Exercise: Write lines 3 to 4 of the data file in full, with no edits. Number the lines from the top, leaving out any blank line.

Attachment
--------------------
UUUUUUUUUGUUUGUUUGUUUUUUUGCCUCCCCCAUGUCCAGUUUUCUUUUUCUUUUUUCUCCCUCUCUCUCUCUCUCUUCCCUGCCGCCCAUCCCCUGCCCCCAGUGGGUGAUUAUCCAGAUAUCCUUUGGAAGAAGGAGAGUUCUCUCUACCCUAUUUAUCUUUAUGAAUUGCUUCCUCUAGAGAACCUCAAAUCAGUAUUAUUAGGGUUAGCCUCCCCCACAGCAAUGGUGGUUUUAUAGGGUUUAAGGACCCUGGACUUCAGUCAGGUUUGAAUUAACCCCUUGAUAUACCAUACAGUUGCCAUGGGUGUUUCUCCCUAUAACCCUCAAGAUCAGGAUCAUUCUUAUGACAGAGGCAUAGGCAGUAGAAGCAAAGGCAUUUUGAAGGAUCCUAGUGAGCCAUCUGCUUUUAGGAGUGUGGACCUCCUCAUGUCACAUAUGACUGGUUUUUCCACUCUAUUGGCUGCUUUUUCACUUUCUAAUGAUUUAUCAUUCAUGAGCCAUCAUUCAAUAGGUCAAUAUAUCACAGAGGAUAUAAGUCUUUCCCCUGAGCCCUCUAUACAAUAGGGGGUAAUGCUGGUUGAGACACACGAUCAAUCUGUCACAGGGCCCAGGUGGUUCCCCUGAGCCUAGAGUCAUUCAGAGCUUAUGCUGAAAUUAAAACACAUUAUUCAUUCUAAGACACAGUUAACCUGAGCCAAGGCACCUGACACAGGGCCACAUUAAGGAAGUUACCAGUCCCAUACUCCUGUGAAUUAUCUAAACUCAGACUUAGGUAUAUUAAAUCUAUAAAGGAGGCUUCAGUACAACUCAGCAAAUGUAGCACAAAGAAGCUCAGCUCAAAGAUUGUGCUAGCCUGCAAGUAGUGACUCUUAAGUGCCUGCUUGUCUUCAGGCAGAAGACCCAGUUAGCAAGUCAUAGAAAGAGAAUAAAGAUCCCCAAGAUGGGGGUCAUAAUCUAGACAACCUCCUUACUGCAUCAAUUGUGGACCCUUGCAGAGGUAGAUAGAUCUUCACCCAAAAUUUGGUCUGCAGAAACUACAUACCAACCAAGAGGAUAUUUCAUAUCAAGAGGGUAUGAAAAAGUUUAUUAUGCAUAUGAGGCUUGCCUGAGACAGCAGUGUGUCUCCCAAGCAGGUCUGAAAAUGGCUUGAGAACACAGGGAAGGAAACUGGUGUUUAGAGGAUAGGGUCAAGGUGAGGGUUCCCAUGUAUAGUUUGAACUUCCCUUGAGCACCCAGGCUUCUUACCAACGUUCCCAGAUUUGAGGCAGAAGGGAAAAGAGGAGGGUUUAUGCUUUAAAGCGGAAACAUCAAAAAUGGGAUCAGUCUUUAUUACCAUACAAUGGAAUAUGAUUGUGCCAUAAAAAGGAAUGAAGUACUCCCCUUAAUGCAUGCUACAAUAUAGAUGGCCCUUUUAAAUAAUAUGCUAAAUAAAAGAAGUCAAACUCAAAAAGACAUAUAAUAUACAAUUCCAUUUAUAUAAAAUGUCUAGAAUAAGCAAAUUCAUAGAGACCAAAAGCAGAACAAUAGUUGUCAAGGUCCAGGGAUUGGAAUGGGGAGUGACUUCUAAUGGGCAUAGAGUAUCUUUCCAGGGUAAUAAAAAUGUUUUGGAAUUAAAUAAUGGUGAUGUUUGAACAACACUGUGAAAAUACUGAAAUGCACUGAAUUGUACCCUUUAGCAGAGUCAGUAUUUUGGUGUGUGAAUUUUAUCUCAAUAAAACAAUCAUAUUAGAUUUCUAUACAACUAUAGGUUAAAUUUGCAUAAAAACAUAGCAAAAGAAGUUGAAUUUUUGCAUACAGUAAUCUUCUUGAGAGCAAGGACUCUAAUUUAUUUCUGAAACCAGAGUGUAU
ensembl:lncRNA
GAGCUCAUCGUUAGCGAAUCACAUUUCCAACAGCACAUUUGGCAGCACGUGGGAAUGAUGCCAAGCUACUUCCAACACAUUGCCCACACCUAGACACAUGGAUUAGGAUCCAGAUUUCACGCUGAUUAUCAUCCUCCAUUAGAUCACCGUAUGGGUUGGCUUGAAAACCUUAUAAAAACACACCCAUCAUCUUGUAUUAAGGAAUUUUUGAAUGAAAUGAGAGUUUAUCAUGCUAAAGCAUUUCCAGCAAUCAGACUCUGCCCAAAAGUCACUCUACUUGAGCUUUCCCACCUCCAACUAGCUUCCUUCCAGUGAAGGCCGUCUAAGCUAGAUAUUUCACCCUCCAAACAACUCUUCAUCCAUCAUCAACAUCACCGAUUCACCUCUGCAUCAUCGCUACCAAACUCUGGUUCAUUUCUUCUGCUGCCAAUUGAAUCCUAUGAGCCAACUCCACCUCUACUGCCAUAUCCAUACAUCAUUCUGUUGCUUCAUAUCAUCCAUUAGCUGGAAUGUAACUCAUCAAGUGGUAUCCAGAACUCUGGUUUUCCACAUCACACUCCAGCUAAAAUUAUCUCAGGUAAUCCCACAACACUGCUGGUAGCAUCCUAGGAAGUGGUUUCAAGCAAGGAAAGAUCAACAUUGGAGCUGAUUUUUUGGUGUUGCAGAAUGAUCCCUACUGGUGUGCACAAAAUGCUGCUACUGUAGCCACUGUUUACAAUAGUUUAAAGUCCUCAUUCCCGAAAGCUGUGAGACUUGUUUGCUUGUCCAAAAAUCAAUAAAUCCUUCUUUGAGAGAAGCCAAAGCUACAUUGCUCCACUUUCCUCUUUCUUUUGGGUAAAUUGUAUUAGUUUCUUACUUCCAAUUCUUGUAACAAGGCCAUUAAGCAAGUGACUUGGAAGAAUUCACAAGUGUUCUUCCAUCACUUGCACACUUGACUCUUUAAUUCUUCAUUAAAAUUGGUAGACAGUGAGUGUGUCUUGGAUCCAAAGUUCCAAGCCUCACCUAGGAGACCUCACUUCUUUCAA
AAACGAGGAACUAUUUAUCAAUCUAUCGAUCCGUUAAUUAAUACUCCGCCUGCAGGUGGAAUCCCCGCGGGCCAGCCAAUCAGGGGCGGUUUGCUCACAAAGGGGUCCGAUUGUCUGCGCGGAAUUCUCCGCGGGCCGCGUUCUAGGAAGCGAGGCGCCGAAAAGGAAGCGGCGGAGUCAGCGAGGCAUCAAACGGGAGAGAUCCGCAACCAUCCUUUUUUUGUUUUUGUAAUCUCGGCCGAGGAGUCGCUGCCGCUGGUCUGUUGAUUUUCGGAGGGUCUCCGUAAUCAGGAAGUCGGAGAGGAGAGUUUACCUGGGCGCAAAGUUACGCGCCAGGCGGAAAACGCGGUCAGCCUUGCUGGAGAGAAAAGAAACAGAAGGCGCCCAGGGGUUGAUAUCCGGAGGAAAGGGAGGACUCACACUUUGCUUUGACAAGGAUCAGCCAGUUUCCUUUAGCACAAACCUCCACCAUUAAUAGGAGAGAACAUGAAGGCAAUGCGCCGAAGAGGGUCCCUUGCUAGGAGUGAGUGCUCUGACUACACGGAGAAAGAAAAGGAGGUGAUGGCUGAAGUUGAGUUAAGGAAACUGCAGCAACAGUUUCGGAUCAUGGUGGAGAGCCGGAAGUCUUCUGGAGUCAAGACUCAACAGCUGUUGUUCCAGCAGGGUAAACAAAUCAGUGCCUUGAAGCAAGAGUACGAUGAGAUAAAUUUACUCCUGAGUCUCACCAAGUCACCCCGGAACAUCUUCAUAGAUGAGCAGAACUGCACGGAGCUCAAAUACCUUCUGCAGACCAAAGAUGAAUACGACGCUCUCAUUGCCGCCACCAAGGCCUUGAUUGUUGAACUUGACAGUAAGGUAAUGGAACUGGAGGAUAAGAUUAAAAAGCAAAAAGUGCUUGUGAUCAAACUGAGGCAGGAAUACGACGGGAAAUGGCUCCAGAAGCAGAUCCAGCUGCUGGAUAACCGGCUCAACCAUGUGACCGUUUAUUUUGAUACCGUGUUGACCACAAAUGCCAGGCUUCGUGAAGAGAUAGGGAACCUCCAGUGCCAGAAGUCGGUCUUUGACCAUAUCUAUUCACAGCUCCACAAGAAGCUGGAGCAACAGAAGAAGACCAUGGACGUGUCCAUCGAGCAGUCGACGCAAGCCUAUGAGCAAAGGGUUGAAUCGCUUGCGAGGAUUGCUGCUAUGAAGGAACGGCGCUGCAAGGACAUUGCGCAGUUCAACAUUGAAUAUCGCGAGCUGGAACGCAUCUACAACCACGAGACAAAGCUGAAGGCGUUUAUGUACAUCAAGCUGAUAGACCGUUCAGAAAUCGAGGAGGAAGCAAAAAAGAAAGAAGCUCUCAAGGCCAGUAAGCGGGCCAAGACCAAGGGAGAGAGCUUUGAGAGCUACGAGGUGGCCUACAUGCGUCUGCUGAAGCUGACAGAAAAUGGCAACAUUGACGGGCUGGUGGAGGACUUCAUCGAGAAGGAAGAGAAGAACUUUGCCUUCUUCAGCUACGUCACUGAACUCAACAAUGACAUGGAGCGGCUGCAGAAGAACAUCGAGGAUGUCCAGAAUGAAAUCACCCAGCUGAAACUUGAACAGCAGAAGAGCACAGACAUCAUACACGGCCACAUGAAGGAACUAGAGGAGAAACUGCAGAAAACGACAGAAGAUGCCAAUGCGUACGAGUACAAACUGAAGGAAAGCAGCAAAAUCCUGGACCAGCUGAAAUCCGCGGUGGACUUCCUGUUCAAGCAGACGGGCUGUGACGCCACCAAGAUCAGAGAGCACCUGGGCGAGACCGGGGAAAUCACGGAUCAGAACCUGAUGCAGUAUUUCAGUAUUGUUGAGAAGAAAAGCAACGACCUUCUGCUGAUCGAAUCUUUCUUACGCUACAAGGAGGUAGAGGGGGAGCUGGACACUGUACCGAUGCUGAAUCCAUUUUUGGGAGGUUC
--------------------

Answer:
GAGCUCAUCGUUAGCGAAUCACAUUUCCAACAGCACAUUUGGCAGCACGUGGGAAUGAUGCCAAGCUACUUCCAACACAUUGCCCACACCUAGACACAUGGAUUAGGAUCCAGAUUUCACGCUGAUUAUCAUCCUCCAUUAGAUCACCGUAUGGGUUGGCUUGAAAACCUUAUAAAAACACACCCAUCAUCUUGUAUUAAGGAAUUUUUGAAUGAAAUGAGAGUUUAUCAUGCUAAAGCAUUUCCAGCAAUCAGACUCUGCCCAAAAGUCACUCUACUUGAGCUUUCCCACCUCCAACUAGCUUCCUUCCAGUGAAGGCCGUCUAAGCUAGAUAUUUCACCCUCCAAACAACUCUUCAUCCAUCAUCAACAUCACCGAUUCACCUCUGCAUCAUCGCUACCAAACUCUGGUUCAUUUCUUCUGCUGCCAAUUGAAUCCUAUGAGCCAACUCCACCUCUACUGCCAUAUCCAUACAUCAUUCUGUUGCUUCAUAUCAUCCAUUAGCUGGAAUGUAACUCAUCAAGUGGUAUCCAGAACUCUGGUUUUCCACAUCACACUCCAGCUAAAAUUAUCUCAGGUAAUCCCACAACACUGCUGGUAGCAUCCUAGGAAGUGGUUUCAAGCAAGGAAAGAUCAACAUUGGAGCUGAUUUUUUGGUGUUGCAGAAUGAUCCCUACUGGUGUGCACAAAAUGCUGCUACUGUAGCCACUGUUUACAAUAGUUUAAAGUCCUCAUUCCCGAAAGCUGUGAGACUUGUUUGCUUGUCCAAAAAUCAAUAAAUCCUUCUUUGAGAGAAGCCAAAGCUACAUUGCUCCACUUUCCUCUUUCUUUUGGGUAAAUUGUAUUAGUUUCUUACUUCCAAUUCUUGUAACAAGGCCAUUAAGCAAGUGACUUGGAAGAAUUCACAAGUGUUCUUCCAUCACUUGCACACUUGACUCUUUAAUUCUUCAUUAAAAUUGGUAGACAGUGAGUGUGUCUUGGAUCCAAAGUUCCAAGCCUCACCUAGGAGACCUCACUUCUUUCAA
AAACGAGGAACUAUUUAUCAAUCUAUCGAUCCGUUAAUUAAUACUCCGCCUGCAGGUGGAAUCCCCGCGGGCCAGCCAAUCAGGGGCGGUUUGCUCACAAAGGGGUCCGAUUGUCUGCGCGGAAUUCUCCGCGGGCCGCGUUCUAGGAAGCGAGGCGCCGAAAAGGAAGCGGCGGAGUCAGCGAGGCAUCAAACGGGAGAGAUCCGCAACCAUCCUUUUUUUGUUUUUGUAAUCUCGGCCGAGGAGUCGCUGCCGCUGGUCUGUUGAUUUUCGGAGGGUCUCCGUAAUCAGGAAGUCGGAGAGGAGAGUUUACCUGGGCGCAAAGUUACGCGCCAGGCGGAAAACGCGGUCAGCCUUGCUGGAGAGAAAAGAAACAGAAGGCGCCCAGGGGUUGAUAUCCGGAGGAAAGGGAGGACUCACACUUUGCUUUGACAAGGAUCAGCCAGUUUCCUUUAGCACAAACCUCCACCAUUAAUAGGAGAGAACAUGAAGGCAAUGCGCCGAAGAGGGUCCCUUGCUAGGAGUGAGUGCUCUGACUACACGGAGAAAGAAAAGGAGGUGAUGGCUGAAGUUGAGUUAAGGAAACUGCAGCAACAGUUUCGGAUCAUGGUGGAGAGCCGGAAGUCUUCUGGAGUCAAGACUCAACAGCUGUUGUUCCAGCAGGGUAAACAAAUCAGUGCCUUGAAGCAAGAGUACGAUGAGAUAAAUUUACUCCUGAGUCUCACCAAGUCACCCCGGAACAUCUUCAUAGAUGAGCAGAACUGCACGGAGCUCAAAUACCUUCUGCAGACCAAAGAUGAAUACGACGCUCUCAUUGCCGCCACCAAGGCCUUGAUUGUUGAACUUGACAGUAAGGUAAUGGAACUGGAGGAUAAGAUUAAAAAGCAAAAAGUGCUUGUGAUCAAACUGAGGCAGGAAUACGACGGGAAAUGGCUCCAGAAGCAGAUCCAGCUGCUGGAUAACCGGCUCAACCAUGUGACCGUUUAUUUUGAUACCGUGUUGACCACAAAUGCCAGGCUUCGUGAAGAGAUAGGGAACCUCCAGUGCCAGAAGUCGGUCUUUGACCAUAUCUAUUCACAGCUCCACAAGAAGCUGGAGCAACAGAAGAAGACCAUGGACGUGUCCAUCGAGCAGUCGACGCAAGCCUAUGAGCAAAGGGUUGAAUCGCUUGCGAGGAUUGCUGCUAUGAAGGAACGGCGCUGCAAGGACAUUGCGCAGUUCAACAUUGAAUAUCGCGAGCUGGAACGCAUCUACAACCACGAGACAAAGCUGAAGGCGUUUAUGUACAUCAAGCUGAUAGACCGUUCAGAAAUCGAGGAGGAAGCAAAAAAGAAAGAAGCUCUCAAGGCCAGUAAGCGGGCCAAGACCAAGGGAGAGAGCUUUGAGAGCUACGAGGUGGCCUACAUGCGUCUGCUGAAGCUGACAGAAAAUGGCAACAUUGACGGGCUGGUGGAGGACUUCAUCGAGAAGGAAGAGAAGAACUUUGCCUUCUUCAGCUACGUCACUGAACUCAACAAUGACAUGGAGCGGCUGCAGAAGAACAUCGAGGAUGUCCAGAAUGAAAUCACCCAGCUGAAACUUGAACAGCAGAAGAGCACAGACAUCAUACACGGCCACAUGAAGGAACUAGAGGAGAAACUGCAGAAAACGACAGAAGAUGCCAAUGCGUACGAGUACAAACUGAAGGAAAGCAGCAAAAUCCUGGACCAGCUGAAAUCCGCGGUGGACUUCCUGUUCAAGCAGACGGGCUGUGACGCCACCAAGAUCAGAGAGCACCUGGGCGAGACCGGGGAAAUCACGGAUCAGAACCUGAUGCAGUAUUUCAGUAUUGUUGAGAAGAAAAGCAACGACCUUCUGCUGAUCGAAUCUUUCUUACGCUACAAGGAGGUAGAGGGGGAGCUGGACACUGUACCGAUGCUGAAUCCAUUUUUGGGAGGUUC